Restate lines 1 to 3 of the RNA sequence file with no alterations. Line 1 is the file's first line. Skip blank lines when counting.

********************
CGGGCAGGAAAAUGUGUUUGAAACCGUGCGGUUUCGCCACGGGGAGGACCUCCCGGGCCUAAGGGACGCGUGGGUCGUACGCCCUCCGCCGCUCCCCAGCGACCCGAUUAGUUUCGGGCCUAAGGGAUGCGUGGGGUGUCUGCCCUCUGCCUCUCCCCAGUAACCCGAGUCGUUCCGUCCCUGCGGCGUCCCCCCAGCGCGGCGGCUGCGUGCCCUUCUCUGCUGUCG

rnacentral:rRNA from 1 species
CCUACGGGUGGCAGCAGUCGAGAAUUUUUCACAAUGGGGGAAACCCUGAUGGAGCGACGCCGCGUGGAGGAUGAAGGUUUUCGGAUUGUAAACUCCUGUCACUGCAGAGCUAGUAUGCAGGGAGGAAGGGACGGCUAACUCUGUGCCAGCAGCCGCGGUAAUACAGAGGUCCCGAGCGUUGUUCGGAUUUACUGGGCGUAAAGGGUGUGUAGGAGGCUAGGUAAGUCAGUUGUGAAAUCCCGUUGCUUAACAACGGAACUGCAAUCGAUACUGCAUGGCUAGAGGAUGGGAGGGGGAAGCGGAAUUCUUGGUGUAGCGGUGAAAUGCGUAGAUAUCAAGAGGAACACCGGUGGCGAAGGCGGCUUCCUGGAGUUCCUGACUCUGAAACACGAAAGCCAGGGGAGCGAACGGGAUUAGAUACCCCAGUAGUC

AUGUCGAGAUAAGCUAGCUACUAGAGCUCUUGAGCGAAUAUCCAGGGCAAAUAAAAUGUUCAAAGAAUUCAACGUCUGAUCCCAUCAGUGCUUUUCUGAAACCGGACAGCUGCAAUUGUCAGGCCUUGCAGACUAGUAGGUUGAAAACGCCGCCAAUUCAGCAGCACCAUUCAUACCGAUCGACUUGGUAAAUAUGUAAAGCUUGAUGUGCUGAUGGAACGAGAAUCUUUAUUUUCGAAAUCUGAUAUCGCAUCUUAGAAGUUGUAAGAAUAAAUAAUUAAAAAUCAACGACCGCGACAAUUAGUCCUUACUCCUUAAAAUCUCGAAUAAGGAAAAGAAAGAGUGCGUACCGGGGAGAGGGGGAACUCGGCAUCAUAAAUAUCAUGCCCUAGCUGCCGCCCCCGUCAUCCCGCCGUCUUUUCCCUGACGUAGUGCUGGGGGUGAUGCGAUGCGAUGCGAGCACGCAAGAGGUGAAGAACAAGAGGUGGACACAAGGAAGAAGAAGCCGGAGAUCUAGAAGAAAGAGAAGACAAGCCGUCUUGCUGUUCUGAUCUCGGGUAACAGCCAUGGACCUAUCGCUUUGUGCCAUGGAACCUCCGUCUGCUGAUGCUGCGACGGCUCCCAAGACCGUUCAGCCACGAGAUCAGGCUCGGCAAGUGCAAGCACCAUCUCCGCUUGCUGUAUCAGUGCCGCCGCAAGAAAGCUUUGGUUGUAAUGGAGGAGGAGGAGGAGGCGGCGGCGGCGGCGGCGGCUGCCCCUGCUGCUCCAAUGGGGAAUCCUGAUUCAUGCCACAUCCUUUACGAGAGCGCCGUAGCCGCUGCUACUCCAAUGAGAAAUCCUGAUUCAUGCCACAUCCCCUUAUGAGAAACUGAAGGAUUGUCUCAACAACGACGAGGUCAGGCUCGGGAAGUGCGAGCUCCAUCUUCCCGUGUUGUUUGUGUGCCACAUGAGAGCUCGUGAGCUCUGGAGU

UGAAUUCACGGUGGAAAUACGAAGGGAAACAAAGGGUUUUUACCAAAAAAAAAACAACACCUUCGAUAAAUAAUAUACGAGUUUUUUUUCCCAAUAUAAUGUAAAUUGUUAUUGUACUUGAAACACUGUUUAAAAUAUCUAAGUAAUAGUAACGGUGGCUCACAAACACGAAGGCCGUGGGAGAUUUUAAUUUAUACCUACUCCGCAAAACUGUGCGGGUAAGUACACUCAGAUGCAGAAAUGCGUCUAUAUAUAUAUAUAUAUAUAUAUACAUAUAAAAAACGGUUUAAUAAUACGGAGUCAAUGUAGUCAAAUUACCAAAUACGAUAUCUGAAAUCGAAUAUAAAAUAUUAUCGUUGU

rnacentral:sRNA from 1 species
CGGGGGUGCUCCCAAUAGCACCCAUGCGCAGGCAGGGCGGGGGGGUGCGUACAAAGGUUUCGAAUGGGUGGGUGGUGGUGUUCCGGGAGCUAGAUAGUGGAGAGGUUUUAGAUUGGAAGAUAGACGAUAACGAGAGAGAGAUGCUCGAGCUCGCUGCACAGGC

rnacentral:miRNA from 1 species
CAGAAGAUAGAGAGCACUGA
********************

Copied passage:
CGGGCAGGAAAAUGUGUUUGAAACCGUGCGGUUUCGCCACGGGGAGGACCUCCCGGGCCUAAGGGACGCGUGGGUCGUACGCCCUCCGCCGCUCCCCAGCGACCCGAUUAGUUUCGGGCCUAAGGGAUGCGUGGGGUGUCUGCCCUCUGCCUCUCCCCAGUAACCCGAGUCGUUCCGUCCCUGCGGCGUCCCCCCAGCGCGGCGGCUGCGUGCCCUUCUCUGCUGUCG

rnacentral:rRNA from 1 species
CCUACGGGUGGCAGCAGUCGAGAAUUUUUCACAAUGGGGGAAACCCUGAUGGAGCGACGCCGCGUGGAGGAUGAAGGUUUUCGGAUUGUAAACUCCUGUCACUGCAGAGCUAGUAUGCAGGGAGGAAGGGACGGCUAACUCUGUGCCAGCAGCCGCGGUAAUACAGAGGUCCCGAGCGUUGUUCGGAUUUACUGGGCGUAAAGGGUGUGUAGGAGGCUAGGUAAGUCAGUUGUGAAAUCCCGUUGCUUAACAACGGAACUGCAAUCGAUACUGCAUGGCUAGAGGAUGGGAGGGGGAAGCGGAAUUCUUGGUGUAGCGGUGAAAUGCGUAGAUAUCAAGAGGAACACCGGUGGCGAAGGCGGCUUCCUGGAGUUCCUGACUCUGAAACACGAAAGCCAGGGGAGCGAACGGGAUUAGAUACCCCAGUAGUC